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Werksschwimmbad / Works Swimming Pool

Basic Information

The “Werksschwimmbad” (“Works Swimming Pool”) art installation was erected at the head of battery 9 of the Zollverein coking plant in 2001 and operated as a public swimming pool that summer. It is the contribution of the artists Dirk Paschke and Daniel Milohnic to the exhibition “Arbeit, Essen, Angst” (“Work, Essen/Food, Fear”). Originally intended as temporary installation for the duration of the exhibition, the pool was subsequently made permanent and now opens each year during North Rhine-Westphalia's summer holiday.
The pool's blue interior contrasts with the surrounding industrial scenery, creating an iconic motif that has been widely published, including in the context of architectural design.

Long-term perspective: Werksschwimmbad, together with the nearby parkour facility, mainly attracts younger generations, thus creating and enhancing a public leisure zone for locals. It contributes to the site's vitality and attractiveness, and provides an additional community function at the UNESCO World Heritage Site. 


In contrast to classic forms of reuse, as exemplified by the conversions of the Comb Building or the Grand Hall within the Zollverein coking plant, Werksschwimmbad incorporates highly symbolic and visual values. The initiators of the art project, Florian Waldvogel and Marius Babias, intended to influence the transformation of the Ruhr region through contemporary art, criticism, and communication. Thus, although Werksschwimmbad was conceived as an art installation, it is not an exhibition object in the classic sense, but rather the creation of a social space in which ownership belongs to the people who use it.
During the six weeks that the installation is operated as a public swimming pool each year, it is open daily (weather conditions permitting) between 12 noon and 8 pm, and is attended by swimming supervisors. Die kokerei café and restaurant is located directly adjacent to the pool. Since the water is quite cold, the pool mainly attracts young people from the vicinity. The pool measures 2.4 × 12 × 5 metres, and is constructed from two 40-foot steel shipping containers that were cut and re-welded. It is surrounded by an elevated wooden platform with a total area of 170 square metres, which is accessed via a staircase. The platform is surfaced with wooden decking planks, which are laid with open joints and have a ribbed surface to prevent slipping, and a safety railing runs around the outside of the platform and stairs. Apart from one changing cabin, two temporary showers, and six lockers, no further features are provided.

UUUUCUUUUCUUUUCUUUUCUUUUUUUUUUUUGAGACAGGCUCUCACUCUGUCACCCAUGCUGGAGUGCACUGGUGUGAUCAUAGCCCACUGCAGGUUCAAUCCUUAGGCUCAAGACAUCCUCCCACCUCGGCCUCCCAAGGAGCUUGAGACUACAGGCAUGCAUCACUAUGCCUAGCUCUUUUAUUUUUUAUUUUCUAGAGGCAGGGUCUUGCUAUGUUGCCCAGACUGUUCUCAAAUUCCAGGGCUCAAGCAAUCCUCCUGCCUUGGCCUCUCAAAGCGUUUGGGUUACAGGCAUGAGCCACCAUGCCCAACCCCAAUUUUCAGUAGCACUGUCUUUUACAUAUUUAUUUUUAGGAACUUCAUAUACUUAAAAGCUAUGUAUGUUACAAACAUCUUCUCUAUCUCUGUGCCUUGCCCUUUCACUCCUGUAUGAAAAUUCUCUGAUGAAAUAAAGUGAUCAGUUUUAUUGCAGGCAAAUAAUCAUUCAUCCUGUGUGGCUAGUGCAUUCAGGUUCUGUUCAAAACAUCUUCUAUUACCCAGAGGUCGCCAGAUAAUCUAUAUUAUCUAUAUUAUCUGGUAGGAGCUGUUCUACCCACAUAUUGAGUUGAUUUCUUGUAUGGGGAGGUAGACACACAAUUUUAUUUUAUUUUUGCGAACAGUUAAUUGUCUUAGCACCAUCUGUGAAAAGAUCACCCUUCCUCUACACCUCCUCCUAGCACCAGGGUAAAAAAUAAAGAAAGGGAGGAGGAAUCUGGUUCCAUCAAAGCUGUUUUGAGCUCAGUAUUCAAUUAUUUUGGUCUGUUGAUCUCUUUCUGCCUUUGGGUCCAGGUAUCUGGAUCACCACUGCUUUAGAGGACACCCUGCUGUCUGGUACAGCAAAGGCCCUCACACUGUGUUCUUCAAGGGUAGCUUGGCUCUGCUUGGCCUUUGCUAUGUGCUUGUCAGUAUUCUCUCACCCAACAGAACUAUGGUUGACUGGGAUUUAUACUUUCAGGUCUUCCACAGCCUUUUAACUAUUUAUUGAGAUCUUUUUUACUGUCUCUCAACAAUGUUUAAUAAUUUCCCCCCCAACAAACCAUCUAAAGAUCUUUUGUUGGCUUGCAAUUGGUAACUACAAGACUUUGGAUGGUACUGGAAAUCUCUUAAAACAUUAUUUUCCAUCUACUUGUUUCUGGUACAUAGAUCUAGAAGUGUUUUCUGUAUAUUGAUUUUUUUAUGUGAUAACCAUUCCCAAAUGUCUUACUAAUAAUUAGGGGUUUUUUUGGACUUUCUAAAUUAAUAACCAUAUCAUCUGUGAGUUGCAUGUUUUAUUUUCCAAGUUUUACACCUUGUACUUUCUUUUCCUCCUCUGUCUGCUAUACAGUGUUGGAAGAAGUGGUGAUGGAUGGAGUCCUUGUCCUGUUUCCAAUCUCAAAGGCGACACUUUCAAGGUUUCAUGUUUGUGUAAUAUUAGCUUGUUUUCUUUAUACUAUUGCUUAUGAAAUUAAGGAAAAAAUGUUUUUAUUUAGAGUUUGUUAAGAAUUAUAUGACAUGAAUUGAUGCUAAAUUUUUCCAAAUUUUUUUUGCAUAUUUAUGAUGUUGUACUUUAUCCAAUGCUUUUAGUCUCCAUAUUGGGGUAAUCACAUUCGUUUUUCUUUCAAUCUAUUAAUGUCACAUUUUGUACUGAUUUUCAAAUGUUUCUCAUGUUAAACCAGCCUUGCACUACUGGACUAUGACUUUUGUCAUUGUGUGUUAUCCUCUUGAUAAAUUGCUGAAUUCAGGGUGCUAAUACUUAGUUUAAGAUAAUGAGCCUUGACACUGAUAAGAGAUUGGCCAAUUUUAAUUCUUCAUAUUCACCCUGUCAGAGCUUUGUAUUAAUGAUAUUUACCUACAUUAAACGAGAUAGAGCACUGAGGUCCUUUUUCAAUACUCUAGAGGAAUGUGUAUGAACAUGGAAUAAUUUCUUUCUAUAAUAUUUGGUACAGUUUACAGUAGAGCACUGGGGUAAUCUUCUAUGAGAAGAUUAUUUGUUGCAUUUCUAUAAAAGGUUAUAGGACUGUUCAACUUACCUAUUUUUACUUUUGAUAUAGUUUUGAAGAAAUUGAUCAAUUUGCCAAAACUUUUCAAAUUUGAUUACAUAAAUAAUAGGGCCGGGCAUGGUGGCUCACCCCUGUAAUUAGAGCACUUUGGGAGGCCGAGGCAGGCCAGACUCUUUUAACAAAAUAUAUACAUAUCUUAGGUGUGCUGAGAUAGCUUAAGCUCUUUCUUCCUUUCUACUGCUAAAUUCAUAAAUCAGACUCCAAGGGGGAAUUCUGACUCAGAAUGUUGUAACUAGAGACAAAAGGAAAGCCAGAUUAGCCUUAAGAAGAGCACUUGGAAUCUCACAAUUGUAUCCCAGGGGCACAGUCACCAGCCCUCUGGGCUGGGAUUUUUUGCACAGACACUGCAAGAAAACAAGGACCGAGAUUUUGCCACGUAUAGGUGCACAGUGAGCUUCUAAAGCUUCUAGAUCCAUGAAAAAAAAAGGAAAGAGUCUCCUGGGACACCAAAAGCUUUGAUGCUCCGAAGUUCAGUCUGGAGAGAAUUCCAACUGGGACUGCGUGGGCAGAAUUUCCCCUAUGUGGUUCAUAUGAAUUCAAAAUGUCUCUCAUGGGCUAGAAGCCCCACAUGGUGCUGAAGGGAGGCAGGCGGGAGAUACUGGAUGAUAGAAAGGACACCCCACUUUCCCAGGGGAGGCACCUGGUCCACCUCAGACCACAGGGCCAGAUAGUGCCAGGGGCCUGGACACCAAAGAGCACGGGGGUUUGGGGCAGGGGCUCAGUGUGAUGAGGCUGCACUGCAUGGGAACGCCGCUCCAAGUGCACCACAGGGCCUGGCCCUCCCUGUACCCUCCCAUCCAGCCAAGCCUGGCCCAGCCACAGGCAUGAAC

The bright-blue pool, framed by impressive industrial architecture, also symbolises the structural change and a new attitude toward life in the Ruhr region. Bird's-eye aerial photographs of the Werksschwimmbad are among the most requested images from the Zollverein Foundation's photo database. One such image placed second in the tourism category of the 2016 PR-Bild Award, a competition to which companies, organisations, and PR agencies from Germany, Austria, and Switzerland submit their best images.
As a further level of reinterpretation, the term Werksschwimmbad is of interest: There is a long tradition, among Ruhr region employers, of providing leisure facilities such as soccer clubs or swimming pools. When Zollverein was operational, there was a swimming pool at Shaft Site 4/5/11 for the use of mining trainees and workers' families.
Outside the pool’s stated opening hours, unsupervised access is prevented via a gate on the stairway. Nevertheless, the iconic image is used in various media throughout the year, particularly at the beginning of the summer holidays.

Communities Engagement

During the exhibition of summer 2001 the two artists Paschke and Milohnic organised     activities for children and young people. The programme included diving, swimming competitions, and a table-football tournament. Children could play football or beach volleyball on a specially created sand court in the immediate vicinity. Since the art project included a summer-long “residence” at the coking plant by the artists, visitors to the exhibition had the opportunity not only to actively participate in artistic events and performances, but also to get in touch with the artists.
Today, local residents can continue to engage in current activities: the CBO Friends and Supporters of Zollverein participates in initiatives and decisions on events happening around the Werksschwimmbad, for instance programme selection for the open-air cinema located at the Werksschwimmbad. For the 2018 programme, the CBO, the Zollverein Foundation, and the Ruhrmuseum have together defined the motto and selection of films. Furthermore, the 2018 summer sports party includes a fun contest to make the biggest splash by “dive-bombing” into the pool.

Sustainable Development & Climate Change

The Werksschwimmbad installation meets two of the UN SDGs (sustainable development goals):